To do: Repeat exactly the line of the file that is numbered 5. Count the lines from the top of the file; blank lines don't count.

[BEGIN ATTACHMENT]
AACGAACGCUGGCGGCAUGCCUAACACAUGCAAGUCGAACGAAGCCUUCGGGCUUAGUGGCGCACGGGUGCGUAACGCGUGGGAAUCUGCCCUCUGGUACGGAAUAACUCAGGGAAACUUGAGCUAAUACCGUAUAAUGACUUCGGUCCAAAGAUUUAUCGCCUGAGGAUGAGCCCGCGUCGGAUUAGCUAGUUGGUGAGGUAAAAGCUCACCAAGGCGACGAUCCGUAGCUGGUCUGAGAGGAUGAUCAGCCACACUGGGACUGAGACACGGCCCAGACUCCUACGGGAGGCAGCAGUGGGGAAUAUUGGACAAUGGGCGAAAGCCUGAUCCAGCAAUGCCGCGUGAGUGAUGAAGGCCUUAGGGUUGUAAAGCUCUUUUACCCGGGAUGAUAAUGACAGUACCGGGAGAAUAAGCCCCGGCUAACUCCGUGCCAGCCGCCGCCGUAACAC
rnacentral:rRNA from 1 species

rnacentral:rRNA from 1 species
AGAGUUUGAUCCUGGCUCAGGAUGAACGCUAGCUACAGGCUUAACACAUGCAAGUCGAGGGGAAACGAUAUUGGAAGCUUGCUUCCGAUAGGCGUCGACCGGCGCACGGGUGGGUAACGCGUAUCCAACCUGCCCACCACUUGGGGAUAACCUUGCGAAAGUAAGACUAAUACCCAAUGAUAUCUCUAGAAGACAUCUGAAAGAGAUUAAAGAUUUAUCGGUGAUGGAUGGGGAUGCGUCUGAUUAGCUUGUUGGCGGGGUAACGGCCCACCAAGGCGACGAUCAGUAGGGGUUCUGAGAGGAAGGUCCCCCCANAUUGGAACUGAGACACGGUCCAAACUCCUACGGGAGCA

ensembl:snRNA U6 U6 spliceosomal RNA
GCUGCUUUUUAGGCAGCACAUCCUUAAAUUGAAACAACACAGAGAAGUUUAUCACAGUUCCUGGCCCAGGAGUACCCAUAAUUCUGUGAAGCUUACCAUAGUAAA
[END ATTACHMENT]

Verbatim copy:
ensembl:snRNA U6 U6 spliceosomal RNA